Osmel Almaguer

Cuban kids painting.

We were talking about all the advances in technology.  My friend had taken his sound system out on his porch to blast music for the party of the neighborhood Committee for the Defense of the Revolution (CDR).

The system got everybody’s attention.  Since it’s a veritable piece of furniture from the ‘70s, given to him by a Canadian friend ages ago, someone commented, “It is a miracle that such an old contraption still has such good sound quality.”

“The thing is that capitalists back then produced better stuff because there was more competition. Now the systems are smaller and more sophisticated, but they don’t last as long,” I responded.

“We Cubans have made a tremendous leap into space – but backwards,” added my friend’s brother with irony.

He didn’t need to explain anything more. Those present roared with laughter because we knew that he was referring to the fact that this sound system had arrived in Cuba when it was already antiquated technology, but for us it was a something new.

He continued by saying, “People from backward countries end up not seeing all the inventions of the developed world because many of them are obsolete before getting to this part of the planet.”   I’m sure he said that thinking of a Japanese documentary that was on TV a few months ago.  In the program they showed how millions of computers are dumped into the sea ever year because they’re out-of-date in just a few years.

“The son of some French people who live near here have some toy cars that he can throw on the floor and they don’t break. They’re heavy and crafted with loads of details. The little doors open up, and you can see the driver through the windshield,” my friend added.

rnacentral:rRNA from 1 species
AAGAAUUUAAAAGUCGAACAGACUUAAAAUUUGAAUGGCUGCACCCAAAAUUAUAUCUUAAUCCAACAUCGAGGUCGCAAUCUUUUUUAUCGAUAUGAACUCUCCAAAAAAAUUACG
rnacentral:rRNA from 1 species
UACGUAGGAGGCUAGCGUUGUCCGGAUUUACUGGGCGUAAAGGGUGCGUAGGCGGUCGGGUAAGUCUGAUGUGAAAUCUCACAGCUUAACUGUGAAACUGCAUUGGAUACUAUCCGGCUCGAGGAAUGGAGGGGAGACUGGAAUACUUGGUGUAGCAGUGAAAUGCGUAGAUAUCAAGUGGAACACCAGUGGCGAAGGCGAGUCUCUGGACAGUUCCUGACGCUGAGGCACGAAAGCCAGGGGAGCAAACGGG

I never had a toy like that during my childhood. Though a kid can entertain themself with anything, since they have such imagination, I don’t know why I suffered when I saw all those sophisticated toys far outside of my reach.  That was back in the time of socialist manufactured goods when all those that came to us were from the USSR, and the ugly ones were from here in Cuba.

On certain occasions —weary of the bureaucracy of this country and tired of the fact that almost no civil mechanism works effectively— Cuba makes me feel like one of those little cars, though I feel that my condition as a toy is  excessive.

Like everything on this island, you need to put too much imagination into believing that they work without special help, or that their doors open, their lights come on or their horns sound.

I also think about the relationship between the weight of things and their practical value. It seems that weight makes objects concrete and verifiable. That’s why our toys and other material objects are so lightweight. That’s why we ourselves lose weight day by day.  Consequently, while we’re less affected by gravity, we’re also less successful at keeping our feet on the ground.


osmel

Osmel Almaguer:Until recently I would to identify myself as a poet, a cultural promoter and a university student. Now that my notions on poetry have changed slightly, that I got a new job, and that I have finished my studies, I’m forced to ask myself: Am I a different person? In our introductions, we usually mention our social status instead of looking within ourselves for those characteristics that define us as unique and special. The fact that I’m scared of spiders, that I’ve never learned to dance, that I get upset over the simplest things, that culminating moments excite me, that I’m a perfectionist, composed but impulsive, childish but antiquated: these are clues that lead to who I truly am.

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